In January of 1995 I was informed that my services would not be needed after the 31st of March. My job function was being phased out. If I agreed to stay the whole three months and train my replacement (say what?),  I would receive a very generous severance package amounting to roughly $75,000. So on April 1, 1995 I joined the ranks of the unemployed.

The world needs another blog

Welcome

like I need another hole in my head. But I’m plunging in anyway.

Hello there. My name is David Bryant. Currently I’m living in Canyon Lake, Texas, with my wife Kathryn, my pug Tudie, my papillon Justin, and two parrots named Spanky (she’s a little rascal) and Boom-Boom (don’t ask why). Here are some pictures. Sorry, I don’t have any pictures of the birds handy. Maybe another day.

David, Kathryn, and Justin

My lovely wife Kathryn, our papillon Justin, and yours truly (in disguise).

And here’s a picture of Tudie the pug. I’m curious — how can I get these to display alongside each other? Research into WordPress internals is necessary, I guess.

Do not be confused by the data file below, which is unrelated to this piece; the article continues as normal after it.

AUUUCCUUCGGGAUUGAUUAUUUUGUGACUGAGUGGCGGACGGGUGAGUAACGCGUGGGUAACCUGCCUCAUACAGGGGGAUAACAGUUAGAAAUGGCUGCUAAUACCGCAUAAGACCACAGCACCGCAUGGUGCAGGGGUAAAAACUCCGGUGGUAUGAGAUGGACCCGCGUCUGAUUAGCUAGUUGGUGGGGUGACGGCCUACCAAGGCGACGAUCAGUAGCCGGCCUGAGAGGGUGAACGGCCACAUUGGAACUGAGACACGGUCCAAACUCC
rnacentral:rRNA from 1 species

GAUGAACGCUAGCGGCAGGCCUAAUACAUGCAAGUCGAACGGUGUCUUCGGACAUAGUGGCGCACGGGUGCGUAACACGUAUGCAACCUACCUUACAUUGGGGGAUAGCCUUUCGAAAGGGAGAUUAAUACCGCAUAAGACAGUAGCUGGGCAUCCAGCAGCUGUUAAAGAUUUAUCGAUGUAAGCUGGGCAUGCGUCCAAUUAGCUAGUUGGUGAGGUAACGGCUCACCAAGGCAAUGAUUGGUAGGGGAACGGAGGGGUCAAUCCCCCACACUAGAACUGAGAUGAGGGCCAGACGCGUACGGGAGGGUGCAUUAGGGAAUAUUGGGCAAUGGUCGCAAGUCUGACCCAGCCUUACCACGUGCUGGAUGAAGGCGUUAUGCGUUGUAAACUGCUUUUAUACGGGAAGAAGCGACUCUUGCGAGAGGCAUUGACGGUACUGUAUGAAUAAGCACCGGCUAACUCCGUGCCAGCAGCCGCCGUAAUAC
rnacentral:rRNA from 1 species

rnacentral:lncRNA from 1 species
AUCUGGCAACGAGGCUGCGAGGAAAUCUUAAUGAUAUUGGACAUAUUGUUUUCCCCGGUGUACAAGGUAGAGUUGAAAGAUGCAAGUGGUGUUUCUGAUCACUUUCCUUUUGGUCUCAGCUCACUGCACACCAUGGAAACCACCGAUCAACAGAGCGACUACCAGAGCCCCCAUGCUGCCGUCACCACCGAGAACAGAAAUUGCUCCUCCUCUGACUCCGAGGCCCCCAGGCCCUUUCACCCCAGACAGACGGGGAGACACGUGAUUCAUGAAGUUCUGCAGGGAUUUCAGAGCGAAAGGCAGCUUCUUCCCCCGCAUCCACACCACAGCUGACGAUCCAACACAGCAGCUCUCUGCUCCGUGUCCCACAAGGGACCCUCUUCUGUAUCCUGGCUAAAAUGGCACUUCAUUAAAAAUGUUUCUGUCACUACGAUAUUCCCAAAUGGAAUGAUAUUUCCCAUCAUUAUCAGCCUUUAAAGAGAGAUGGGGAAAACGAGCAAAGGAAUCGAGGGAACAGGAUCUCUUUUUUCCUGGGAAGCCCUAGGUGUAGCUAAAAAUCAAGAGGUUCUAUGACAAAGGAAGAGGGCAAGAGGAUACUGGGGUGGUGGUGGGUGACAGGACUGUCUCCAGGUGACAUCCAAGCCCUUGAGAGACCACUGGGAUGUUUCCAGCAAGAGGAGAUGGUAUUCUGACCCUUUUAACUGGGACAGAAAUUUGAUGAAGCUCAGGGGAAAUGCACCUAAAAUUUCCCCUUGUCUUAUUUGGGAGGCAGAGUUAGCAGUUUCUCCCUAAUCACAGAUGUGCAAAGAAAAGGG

Tudie the pug

Our little pug Tudie. Isn’t she cute?

I don’t have time to tell my whole life story, and you’re probably not interested anyway. So I’ll sketch this out pretty swiftly. I was born in Palmer, Alaska in 1951. I attended all 12 years of public school in Palmer, and graduated (first in my class) in May, 1969. I attended the California Institute of Technology in Pasadena, California, and received my Bachelor’s degree (BS(Ma)) in June, 1973. Since I was a math major and I was not interested in an academic career, I entered the actuarial profession, obtaining the professional designation Associate, Society of Actuaries (ASA) in November of 1974.